Stories Of Change: South African Survivors of Sexual and Gender Based Violence Speak Out.

Survivors of sexual and gender-based violence are central to We Will Speak Out SA. A programme funded by Amplify Change  is documenting stories of Most Significant Change (MSC) of the survivors and survivor champions since joining support groups initiated by Tearfund SA.

In addition to this formal process, we would also like to share some individual stories documented by survivors and survivor Champions thus far in the process.

The final MSC report will be finalised by end June/early July.

Names in stories have been changed to protect the identities of survivors. Read the stories:

Ada’s story

After my mother died I went to stay with my uncle who is a police man. At 12 years old, I was in boarding school. My uncle took me from boarding school and treated me as his own daughter, and he was a father to me, we would always eat together. I trusted him, because he was my father. One day, during lunch time, I was eating and drinking Fanta and started feeling drowsy. I fell asleep and later woke up in hospital where I was given medicine. My uncle came to see me and told me that if I speak of what happened he will shoot me, he then showed me his gun.

I did not go back to school after that and I didn’t go back to live with my uncle. I fled to Burundi. There I found family – my sister’s friend took me to their home but couldn’t afford to send me to school. Only later I managed to go to school in Burundi and I had friends. I was influenced by friends to get a boyfriend who can pay for what I needed.

I started having problems at school. Male teachers tried to convince me to sleep with them in exchange to pass my grade. Because I refused they gave me low marks and I started to fail. I felt like I was losing. My boyfriend who was paying for my school fees at the time left me after hearing rumours about the teachers. He thought that I had slept with them.

One day, my sister phoned to tell me she was selling my mother’s house in Rwanda. I left to Rwanda and we shared the money from the sale. I was 18 years old by that time. I went back to Burundi where I met a friend of mine who was staying here in South Africa. During that time, the war in Burundi broke out. We planned and travelled from Burundi to South Africa together.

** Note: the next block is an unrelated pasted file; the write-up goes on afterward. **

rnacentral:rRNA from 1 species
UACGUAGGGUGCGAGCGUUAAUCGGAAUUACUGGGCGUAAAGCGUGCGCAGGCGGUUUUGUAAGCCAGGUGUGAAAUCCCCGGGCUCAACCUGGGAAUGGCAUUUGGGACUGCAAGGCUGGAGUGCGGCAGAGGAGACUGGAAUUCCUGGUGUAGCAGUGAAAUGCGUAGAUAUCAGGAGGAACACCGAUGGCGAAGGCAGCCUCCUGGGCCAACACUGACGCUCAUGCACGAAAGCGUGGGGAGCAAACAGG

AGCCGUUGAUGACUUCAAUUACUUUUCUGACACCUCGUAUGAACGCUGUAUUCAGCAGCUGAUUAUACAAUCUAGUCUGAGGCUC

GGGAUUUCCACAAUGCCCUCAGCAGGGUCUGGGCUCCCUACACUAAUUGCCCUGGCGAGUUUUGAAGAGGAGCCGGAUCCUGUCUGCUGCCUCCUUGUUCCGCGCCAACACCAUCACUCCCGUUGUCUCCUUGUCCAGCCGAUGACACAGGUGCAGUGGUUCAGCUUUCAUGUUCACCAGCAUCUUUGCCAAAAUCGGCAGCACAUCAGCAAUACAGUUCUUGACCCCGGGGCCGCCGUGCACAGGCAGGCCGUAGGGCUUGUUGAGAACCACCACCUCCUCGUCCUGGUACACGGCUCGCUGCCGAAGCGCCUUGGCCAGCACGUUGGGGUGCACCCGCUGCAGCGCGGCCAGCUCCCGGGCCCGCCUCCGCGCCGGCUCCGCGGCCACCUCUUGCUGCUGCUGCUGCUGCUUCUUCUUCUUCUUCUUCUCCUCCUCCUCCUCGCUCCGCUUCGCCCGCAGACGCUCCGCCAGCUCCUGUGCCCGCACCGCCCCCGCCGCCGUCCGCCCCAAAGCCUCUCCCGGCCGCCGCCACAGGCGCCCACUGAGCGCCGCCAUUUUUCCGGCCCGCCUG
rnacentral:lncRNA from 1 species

In South Africa I started to survive. I met my husband who is a Christian. He introduced me to his church and I became a born again Christian. I was Baptised and my life started to change. But I couldn’t feel love because I hated men. I had no feelings for men, they were only financial security for me.

At church one day, there was an announcement that they were looking for women who would like to talk about their challenges. I was curious. I met Solange (Tearfund) but had no idea why we were being called. We were given the day to meet and I will never forget it – 2013. We were 12 women and I was waiting to see what they were going to say. They spoke about rape. I was confused…how am I going to share my story?

We started to continue the group meetings and it was always about talking, every time. The day I finished talking, I felt like the heaviness I have carried in my heart was now empty. That night I couldn’t sleep and thought of what happened, worried that people will take it outside the group or even tell my husband. He didn’t know.

But the women I shared my story with kept the secret. The more meeting days came the more I changed. I became stronger and able to teach other new members. Having a group is teaching me how to recognise problems other women or friends may have and I can talk to them about it.

Through the group, I started to find a way to survive by myself. I work now, running my own business. My business is going well. Before this, I was unable to do anything because of self doubt.

Now I have taken the  responsibility of helping other women who have similar problems.

Ntombi’s story

There is nothing better than the opportunity to reflect on your own journey. It gives you the pleasure of seeing Gods work in your life and the grace that one takes for granted. I remember 4 years ago I was a bitter young lady who was angry with the world.  I had questions but sadly enough I had no one to ask. I was sexually abused on my way home from the library by a stranger. It was during my exams and after it happened I couldn’t concentrate so I decided to drop out.